Provide an independent forum for those who dare to read, think, speak, and write to advance the professional, literary, and scientific understanding of sea power and other issues critical to global security.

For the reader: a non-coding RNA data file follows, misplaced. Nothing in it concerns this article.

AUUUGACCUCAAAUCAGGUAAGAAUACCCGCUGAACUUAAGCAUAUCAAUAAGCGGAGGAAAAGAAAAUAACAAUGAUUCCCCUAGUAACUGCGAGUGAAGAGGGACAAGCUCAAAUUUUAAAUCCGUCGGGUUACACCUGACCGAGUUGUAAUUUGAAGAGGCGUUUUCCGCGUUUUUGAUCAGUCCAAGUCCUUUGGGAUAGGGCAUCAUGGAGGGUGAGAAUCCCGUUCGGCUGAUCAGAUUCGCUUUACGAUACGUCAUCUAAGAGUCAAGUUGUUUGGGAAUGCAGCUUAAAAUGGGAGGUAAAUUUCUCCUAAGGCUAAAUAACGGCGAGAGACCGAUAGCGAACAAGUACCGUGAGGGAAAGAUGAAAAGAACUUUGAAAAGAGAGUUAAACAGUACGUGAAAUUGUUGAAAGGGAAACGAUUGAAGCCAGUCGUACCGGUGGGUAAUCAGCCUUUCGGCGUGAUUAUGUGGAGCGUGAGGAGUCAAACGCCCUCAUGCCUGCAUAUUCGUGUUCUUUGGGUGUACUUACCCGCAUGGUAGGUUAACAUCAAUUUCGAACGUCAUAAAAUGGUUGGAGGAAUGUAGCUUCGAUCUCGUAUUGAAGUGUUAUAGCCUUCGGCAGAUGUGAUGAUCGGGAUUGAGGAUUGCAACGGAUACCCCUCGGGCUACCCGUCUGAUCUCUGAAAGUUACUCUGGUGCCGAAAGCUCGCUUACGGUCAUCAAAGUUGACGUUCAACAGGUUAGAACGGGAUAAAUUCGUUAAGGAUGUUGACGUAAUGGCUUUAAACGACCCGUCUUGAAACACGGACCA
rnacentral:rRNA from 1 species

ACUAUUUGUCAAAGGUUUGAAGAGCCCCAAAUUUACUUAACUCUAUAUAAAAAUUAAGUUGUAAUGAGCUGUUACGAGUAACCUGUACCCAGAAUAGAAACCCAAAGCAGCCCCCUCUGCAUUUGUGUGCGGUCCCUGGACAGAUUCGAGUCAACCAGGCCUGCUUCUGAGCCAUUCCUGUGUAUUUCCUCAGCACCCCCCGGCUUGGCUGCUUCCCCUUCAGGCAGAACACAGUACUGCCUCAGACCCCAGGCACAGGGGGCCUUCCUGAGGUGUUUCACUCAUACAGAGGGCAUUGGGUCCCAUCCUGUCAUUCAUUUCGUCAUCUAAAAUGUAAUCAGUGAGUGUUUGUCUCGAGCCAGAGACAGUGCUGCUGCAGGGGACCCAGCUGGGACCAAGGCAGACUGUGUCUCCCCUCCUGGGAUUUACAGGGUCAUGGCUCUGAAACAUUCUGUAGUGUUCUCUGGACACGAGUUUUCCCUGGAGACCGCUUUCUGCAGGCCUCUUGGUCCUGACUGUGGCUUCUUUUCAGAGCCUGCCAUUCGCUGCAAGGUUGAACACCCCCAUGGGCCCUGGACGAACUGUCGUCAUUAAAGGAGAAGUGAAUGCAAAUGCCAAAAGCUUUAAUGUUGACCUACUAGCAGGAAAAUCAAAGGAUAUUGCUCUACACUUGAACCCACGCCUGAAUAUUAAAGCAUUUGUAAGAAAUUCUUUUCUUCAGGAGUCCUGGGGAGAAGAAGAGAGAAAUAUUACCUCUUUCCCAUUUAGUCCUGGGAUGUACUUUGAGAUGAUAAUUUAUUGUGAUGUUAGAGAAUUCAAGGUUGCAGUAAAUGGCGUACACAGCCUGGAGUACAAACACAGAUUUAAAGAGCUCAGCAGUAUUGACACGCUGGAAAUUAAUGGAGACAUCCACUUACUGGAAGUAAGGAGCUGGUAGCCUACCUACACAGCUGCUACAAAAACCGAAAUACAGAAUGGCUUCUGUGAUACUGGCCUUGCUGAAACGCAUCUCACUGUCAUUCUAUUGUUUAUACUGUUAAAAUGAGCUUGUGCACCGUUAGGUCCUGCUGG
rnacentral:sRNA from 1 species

Long out of print, theses wartime diaries of a key admiral of the Imperial Japanese Navy, provide a revealing inside look into the Japanese view of the Pacific War. Matome Ugaki was chief of staff of the Combined Fleet under Admiral Isoroki Yamamoto until both were shot down over Bougainville in April 1943, resulting in Yamamoto's death. He later served as commander of battleship and air fleets, finally directing the kamikaze attacks off Okinawa. Invaluable for its details of the Japanese navy at war, the diaries offer a running appraisal of the fighting and are augmented by editorial commentary that proves especially useful to American readers eager to see the war from the other side. When first published in 1991, this dairy was hailed as a major contribution to World War II literature as the only firsthand account of strategic planning for the entire war by a Japanese commander.